Some aspects of Magic: the Gathering have to seemingly be repeated over and over again every few months. Whether this is because of the continual influx of new players looking to expand their gaming knowledge or a recurring cycle of misunderstanding about the more complicated attributes of the game, there are a handful of topics that have to be reinforced to the player base on a nearly constant basis.
One of the most predominant areas where this occurs is with color mechanics. Specifically, their respective strengths and weaknesses. While each color has been affirmed time and again to be equally powerful to one another, that’s often mistook to mean that every color is going to play the same way. And despite assurances by many people – including numerous times in this series over the years – it’s something that (typically newer) players have a hard time grasping.
Yes, whichever color you choose to play will be powerful, but they are not all-powerful. No color singlehandedly has a response to every strategy and tactic your opponent may throw at you. Some colors can do things more efficiently than others; some even have abilities that no other color has access to. This is all by design. Yet although those individual deficiencies can sometimes be annoying, the overall existence of weaknesses is not a negative to the game.
One of these more notable color weaknesses is Black’s inability to remove artifacts or enchantments. It is adept at making you discard cards before they ever reach the battlefield, and it is the king at creature removal, but taking out artifacts and enchantments in play is simply not something it’s capable of doing beyond killing the player controlling them.
That said, just because a color can’t get rid of artifacts doesn’t mean it can’t punish you for having them.
At least in theory.
In truth, this has been a relatively untapped vein of card design, leaving Black with only a handful of cards over the years to that effect. To help illustrate this line of thought, this week we highlight one of those illustrious few.
Today we have: Artificer’s Hex
Name: Artificer’s Hex
Edition: Magic 2014
Focus: Creature Destruction / Equipment Determent
Highlights: Artificer’s Hex on first inspection looks to merely be the type of situational card that would have been useful for Limited and then quickly forgotten. It wasn’t even considered useful for Standard at its release given that M14 was the time of Return to Ravnica guilds and the enchantment-heavy Theros. Yet while admittedly situational, in longer games like Commander where you have a notable gap in artifact interaction, this unassuming Aura is potentially worth looking at.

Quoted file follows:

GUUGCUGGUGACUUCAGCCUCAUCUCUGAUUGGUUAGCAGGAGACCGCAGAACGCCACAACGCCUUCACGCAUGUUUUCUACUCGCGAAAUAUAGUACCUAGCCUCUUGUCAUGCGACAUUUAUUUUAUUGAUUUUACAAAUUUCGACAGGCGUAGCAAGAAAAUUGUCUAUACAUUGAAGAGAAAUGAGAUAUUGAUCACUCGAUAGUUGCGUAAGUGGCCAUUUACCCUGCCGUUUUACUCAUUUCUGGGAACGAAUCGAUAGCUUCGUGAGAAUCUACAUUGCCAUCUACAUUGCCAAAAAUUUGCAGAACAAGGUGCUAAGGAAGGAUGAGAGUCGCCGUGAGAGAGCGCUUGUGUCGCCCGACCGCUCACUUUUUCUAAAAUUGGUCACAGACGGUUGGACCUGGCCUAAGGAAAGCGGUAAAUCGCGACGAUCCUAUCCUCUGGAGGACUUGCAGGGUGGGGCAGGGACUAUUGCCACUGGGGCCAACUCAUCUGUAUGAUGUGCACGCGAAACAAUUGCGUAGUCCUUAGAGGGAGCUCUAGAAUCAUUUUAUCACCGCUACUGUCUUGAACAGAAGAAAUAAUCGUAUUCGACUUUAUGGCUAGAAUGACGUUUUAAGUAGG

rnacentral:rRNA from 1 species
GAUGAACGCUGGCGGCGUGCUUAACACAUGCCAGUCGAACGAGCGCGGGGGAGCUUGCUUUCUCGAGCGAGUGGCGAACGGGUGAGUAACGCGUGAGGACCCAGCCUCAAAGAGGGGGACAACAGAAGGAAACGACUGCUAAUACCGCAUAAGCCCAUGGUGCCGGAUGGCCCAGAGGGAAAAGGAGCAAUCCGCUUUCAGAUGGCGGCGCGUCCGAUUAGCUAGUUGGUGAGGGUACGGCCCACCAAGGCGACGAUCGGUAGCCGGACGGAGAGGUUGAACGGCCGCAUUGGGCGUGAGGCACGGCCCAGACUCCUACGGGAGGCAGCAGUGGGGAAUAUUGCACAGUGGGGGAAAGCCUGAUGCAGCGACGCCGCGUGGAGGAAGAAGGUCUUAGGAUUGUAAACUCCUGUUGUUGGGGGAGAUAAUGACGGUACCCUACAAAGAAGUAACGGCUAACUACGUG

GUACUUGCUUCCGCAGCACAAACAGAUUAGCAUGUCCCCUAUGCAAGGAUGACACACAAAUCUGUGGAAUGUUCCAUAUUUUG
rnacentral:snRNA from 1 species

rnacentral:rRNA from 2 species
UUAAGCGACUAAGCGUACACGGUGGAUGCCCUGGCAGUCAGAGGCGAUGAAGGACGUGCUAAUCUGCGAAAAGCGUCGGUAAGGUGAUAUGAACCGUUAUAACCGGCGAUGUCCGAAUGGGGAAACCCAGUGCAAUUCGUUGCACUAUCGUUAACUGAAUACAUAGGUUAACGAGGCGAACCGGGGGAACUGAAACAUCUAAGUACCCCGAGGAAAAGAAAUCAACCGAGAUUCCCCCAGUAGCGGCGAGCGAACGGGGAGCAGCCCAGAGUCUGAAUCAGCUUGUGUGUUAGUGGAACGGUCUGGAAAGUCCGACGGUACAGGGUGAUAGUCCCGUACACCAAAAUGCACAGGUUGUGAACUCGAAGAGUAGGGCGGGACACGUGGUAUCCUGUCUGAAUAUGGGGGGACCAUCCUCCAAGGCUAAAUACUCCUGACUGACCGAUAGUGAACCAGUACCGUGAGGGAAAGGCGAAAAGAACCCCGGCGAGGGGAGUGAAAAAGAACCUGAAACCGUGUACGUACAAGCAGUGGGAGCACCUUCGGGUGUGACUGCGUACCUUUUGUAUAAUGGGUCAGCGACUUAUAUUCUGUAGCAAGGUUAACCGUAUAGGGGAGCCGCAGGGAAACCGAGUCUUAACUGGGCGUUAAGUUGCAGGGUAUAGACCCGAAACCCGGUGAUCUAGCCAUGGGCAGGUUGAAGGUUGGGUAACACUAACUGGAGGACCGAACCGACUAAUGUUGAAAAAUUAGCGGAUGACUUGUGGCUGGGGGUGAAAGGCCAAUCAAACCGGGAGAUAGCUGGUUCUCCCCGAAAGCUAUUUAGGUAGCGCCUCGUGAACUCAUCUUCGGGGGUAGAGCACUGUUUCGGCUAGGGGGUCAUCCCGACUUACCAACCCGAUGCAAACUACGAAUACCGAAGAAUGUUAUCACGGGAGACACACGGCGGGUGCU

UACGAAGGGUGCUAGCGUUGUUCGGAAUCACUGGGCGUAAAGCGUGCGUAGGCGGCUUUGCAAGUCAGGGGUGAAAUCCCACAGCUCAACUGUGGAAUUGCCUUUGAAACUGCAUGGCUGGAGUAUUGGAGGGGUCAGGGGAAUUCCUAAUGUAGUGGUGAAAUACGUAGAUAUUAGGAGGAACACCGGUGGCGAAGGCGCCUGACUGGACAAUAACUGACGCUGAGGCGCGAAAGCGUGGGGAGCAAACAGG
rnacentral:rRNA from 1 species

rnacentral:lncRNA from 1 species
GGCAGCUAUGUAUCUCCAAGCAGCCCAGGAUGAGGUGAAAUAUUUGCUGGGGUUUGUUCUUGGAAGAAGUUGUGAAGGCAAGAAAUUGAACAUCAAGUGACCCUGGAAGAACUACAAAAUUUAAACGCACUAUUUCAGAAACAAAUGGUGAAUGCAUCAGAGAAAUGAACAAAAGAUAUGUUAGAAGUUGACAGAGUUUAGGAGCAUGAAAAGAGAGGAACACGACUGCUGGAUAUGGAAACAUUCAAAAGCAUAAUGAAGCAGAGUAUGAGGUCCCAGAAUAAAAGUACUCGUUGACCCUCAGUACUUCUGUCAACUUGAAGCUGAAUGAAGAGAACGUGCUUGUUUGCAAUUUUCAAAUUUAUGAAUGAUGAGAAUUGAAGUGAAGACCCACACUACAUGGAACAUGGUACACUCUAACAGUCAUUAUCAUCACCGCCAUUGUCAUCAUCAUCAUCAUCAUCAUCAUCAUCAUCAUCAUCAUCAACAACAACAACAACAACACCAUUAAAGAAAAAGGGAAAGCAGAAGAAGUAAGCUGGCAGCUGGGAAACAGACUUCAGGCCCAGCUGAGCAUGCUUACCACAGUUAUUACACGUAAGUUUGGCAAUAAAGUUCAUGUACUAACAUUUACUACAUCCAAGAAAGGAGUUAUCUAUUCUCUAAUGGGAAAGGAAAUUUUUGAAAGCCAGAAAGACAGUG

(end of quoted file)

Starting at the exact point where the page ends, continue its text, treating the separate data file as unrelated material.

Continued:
First, let’s lead with the obvious caveat to this card: Artificer’s Hex is not going to allow you to destroy your opponent’s equipment. But for a single Black mana, it is going to do the next best thing, which is to serve as a deterrent for your opponent using it.
The main effect of this Hex is that if the equipment is currently attached to a creature at the beginning of your turn, that creature will die. This forces your opponent into three possible choices.
Their first is that they can choose to stop using it for fear of losing creatures. This potentially nullifies their most desirable or most powerful equipment on the battlefield until they spend resources to remove the enchantment.
Their second choice for them to, well, not care. Nothing with the Hex stops them from using the equipment, and if they’re willing to let their own creatures die, that’s still technically an advantage, as you’re benefiting from de facto creature removal.
However, chances are your opponent isn’t going to willingly sacrifice their creatures unless they truly are expendable. If those creatures are powerful or expensive to cast, they’ll likely want to keep them around longer. Which leads to the third options: them utilizing the equipment on one creature, and then moving it onto another by spending valuable extra mana. They’re still losing a creature, it just won’t be their most dangerous one.
Ergo, at its least effective, you’re able to destroy the most menial of your opponent’s creature each round. At best, you’re preventing them from using whichever annoying equipment you want them to be punished for having on the battlefield. All for one mana.
If anything, it’s one real limitation is that you’re only be able to use it on a single piece of equipment. But given the abundance of them in most Commander games, it shouldn’t be hard finding a handy target.
And for this particular color, it’s one of the most effective artifact-related cards you have available.
Keep an eye out for us to be regularly featuring other more accessible-but-worth-it Commander cards going forward. In the meantime, we’ll keep the light on for you.
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